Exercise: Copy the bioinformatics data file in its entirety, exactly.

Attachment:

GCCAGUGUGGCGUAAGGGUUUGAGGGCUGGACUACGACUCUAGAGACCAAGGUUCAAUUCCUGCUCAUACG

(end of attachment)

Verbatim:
GCCAGUGUGGCGUAAGGGUUUGAGGGCUGGACUACGACUCUAGAGACCAAGGUUCAAUUCCUGCUCAUACG